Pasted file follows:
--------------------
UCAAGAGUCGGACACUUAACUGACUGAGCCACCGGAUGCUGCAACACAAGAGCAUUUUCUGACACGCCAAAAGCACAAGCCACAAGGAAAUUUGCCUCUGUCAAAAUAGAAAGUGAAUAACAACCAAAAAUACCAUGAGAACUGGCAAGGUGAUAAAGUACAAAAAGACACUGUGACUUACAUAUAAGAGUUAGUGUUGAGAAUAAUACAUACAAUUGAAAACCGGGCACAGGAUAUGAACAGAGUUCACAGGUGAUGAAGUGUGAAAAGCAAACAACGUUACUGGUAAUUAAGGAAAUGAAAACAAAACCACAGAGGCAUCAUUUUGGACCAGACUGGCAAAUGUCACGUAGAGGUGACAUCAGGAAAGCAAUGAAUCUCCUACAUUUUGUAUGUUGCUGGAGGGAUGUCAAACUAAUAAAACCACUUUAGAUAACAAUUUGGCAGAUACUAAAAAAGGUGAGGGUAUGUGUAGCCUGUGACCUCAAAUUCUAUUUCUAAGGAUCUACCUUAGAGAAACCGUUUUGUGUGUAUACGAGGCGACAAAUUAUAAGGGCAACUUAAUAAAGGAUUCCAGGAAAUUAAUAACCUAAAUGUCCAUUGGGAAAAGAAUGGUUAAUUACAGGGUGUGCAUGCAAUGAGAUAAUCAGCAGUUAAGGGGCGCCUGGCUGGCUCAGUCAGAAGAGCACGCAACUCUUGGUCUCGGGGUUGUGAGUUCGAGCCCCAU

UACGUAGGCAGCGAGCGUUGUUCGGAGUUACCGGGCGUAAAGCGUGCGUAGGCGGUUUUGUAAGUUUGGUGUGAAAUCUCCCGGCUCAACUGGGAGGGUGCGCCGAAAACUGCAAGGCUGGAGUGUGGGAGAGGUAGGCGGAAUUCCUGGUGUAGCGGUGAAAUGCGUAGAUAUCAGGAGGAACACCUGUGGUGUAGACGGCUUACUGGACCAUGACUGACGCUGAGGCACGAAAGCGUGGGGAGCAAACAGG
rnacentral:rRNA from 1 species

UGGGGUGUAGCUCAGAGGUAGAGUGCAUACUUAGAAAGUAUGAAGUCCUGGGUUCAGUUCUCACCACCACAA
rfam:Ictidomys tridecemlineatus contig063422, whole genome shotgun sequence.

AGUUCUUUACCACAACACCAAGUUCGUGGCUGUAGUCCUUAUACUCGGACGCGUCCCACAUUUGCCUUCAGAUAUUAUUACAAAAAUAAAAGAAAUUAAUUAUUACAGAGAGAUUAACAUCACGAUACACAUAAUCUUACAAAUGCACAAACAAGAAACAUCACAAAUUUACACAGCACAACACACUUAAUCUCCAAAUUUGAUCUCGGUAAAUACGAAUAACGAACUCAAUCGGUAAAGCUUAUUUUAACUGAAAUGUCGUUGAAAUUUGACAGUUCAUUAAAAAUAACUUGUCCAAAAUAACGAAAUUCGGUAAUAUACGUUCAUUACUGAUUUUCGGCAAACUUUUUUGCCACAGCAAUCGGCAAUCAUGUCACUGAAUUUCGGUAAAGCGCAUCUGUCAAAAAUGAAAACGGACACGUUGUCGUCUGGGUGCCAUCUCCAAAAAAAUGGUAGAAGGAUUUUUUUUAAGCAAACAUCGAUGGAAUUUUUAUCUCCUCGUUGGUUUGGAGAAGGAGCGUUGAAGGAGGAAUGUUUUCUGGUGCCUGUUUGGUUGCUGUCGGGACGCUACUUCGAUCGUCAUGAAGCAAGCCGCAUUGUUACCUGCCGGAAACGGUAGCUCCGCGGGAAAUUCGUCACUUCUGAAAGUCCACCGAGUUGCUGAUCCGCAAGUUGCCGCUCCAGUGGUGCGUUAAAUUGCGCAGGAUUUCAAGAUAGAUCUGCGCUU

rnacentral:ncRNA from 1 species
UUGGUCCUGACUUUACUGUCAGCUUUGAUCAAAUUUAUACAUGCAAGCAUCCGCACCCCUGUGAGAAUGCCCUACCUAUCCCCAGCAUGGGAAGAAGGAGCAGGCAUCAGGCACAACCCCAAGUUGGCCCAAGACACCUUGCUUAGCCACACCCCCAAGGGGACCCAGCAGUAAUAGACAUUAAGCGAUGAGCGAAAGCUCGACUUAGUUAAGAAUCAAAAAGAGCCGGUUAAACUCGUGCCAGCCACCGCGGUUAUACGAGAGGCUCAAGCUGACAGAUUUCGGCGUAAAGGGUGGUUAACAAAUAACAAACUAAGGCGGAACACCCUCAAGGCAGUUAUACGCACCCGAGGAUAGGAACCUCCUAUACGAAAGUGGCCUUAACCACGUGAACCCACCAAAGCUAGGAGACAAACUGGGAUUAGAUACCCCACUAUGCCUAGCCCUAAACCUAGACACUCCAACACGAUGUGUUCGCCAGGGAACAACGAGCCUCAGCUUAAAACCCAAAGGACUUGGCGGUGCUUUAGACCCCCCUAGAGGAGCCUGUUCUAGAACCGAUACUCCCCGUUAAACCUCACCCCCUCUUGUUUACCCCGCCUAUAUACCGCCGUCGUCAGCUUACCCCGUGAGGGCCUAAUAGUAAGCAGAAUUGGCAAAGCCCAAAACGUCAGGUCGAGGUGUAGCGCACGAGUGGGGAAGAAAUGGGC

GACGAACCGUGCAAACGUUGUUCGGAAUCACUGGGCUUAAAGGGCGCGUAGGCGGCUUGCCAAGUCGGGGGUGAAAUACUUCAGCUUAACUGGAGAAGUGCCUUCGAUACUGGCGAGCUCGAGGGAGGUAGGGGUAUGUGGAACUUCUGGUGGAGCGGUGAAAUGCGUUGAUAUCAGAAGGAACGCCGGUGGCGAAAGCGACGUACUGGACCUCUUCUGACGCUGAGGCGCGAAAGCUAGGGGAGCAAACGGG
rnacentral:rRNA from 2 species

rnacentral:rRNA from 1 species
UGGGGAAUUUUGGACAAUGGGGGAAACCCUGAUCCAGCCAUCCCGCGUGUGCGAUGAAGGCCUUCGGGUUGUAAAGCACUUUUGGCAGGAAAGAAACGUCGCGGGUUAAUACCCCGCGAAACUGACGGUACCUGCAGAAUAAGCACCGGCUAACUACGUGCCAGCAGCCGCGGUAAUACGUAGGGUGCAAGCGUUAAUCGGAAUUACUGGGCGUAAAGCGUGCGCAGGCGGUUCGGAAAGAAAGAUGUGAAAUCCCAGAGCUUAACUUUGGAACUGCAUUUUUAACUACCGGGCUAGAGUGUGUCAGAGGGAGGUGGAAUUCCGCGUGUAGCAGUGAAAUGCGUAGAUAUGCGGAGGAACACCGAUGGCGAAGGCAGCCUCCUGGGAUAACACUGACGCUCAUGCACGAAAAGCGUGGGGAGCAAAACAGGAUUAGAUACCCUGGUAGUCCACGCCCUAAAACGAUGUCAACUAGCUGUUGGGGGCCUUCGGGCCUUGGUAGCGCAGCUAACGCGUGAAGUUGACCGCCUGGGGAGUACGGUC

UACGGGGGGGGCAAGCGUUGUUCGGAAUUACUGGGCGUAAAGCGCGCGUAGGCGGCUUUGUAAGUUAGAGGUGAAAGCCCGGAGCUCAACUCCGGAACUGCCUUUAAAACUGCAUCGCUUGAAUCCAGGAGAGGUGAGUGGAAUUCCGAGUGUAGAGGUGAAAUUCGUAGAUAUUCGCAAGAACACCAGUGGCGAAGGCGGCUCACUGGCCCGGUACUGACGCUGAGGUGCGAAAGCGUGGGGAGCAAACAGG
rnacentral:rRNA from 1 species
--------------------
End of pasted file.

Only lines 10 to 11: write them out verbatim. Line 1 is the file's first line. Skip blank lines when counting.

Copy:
rnacentral:rRNA from 2 species

rnacentral:rRNA from 1 species